Catering sector changes tack to embrace diverse needs of young Chinese consumers
By Zhang Shixuan, Jin Yang
Several unique emerging businesses have sprung up across China to meet the diverse dining needs of young Chinese consumers who have a plethora of dining experiences, focusing on relaxation after work or spending quality time with friends.
Sales of convenience food jumped seven times year on year since last February on Tmall, with self-heating items witnessing the fastest growth. And the business has been so promising that the Brand Zi Hai Guo has gotten five rounds of funding in just three years, which brought the company's value over $1 billion.
Shanghai Memory Museum is a café which opened ten years ago. Displaying some 600 outfits and 30,000 antique items, it is an ideal place to get an immersive classic milieu.
Visitors feel like they have gone back in time to the last century by wearing those old-styled outfits and accessories, especially for the younger visitors who have only seen those things in movies.
The café now host about 10 customers a day, making sure they are able to have full experience. There are also a good number of overseas visitors.
"Ten years ago, our main customers were born in the 1980s or 1990s. But now, many of them are born after 2000, some even younger than 16 years old. And they are looking for deeper experiences as they know a lot, and that requires us to add more informational content to the museum. We've spent a lot of time and money and moved three times," said Wang Xiaojia, owner of Shanghai Memory Museum,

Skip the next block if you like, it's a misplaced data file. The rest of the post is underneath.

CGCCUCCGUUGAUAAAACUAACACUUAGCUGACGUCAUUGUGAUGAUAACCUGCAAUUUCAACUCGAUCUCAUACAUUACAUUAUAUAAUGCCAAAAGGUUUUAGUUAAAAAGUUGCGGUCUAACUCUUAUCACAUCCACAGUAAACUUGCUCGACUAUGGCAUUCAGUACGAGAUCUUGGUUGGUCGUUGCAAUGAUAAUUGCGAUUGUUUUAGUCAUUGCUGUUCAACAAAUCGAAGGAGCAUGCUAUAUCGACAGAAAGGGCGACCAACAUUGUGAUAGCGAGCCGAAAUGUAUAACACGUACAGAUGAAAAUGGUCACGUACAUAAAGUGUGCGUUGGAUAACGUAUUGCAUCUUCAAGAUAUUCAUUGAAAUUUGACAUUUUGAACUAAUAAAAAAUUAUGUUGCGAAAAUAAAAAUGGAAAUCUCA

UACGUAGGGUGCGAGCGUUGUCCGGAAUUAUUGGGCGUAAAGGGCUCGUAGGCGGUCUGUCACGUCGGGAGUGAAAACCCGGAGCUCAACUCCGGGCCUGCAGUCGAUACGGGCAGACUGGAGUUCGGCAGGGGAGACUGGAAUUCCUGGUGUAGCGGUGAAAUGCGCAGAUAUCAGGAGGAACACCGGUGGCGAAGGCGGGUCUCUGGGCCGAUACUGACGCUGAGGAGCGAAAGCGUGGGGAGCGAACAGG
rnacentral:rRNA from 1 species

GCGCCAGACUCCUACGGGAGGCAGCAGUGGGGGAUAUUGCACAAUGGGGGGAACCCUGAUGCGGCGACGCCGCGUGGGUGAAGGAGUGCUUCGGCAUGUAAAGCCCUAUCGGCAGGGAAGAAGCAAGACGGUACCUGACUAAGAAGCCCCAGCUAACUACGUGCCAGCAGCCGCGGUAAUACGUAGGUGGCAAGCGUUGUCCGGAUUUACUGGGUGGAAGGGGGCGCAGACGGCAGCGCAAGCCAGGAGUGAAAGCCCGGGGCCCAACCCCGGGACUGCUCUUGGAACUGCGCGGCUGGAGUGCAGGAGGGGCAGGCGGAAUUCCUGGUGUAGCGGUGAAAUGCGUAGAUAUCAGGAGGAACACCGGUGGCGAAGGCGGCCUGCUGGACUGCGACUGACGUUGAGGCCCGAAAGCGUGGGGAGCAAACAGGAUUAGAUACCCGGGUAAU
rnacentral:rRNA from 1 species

"Here, we have more space, more scenarios, more exhibits and better lighting. And we've added more fun to it, as the younger generation are used to those new role-playing games. We're letting them experience what they've never seen in their childhood," she said.
There are many restaurants nowadays in China that offer costume services. People can choose to change into their ideal clothes, like Hanfu, dresses from the Tang Dynasty, and Japanese clothes.
"Catering+" is becoming popular and attractive for consumers. Some analysts said theme parks and night economy are very popular in south China. People are not buying food itself, but experiences. For these restaurant owners, their revenue are much relied on providing convenience and services.
Chen Jiahe, chief investment officer of Novem Arcae Technologies explained the changes that Gen-Z is bringing to China's catering sector. "They have much more money. Their income is much higher than 10 or even 20 years ago. And now many young people don't cook for themselves, so they are bringing a lot of changes to the catering market."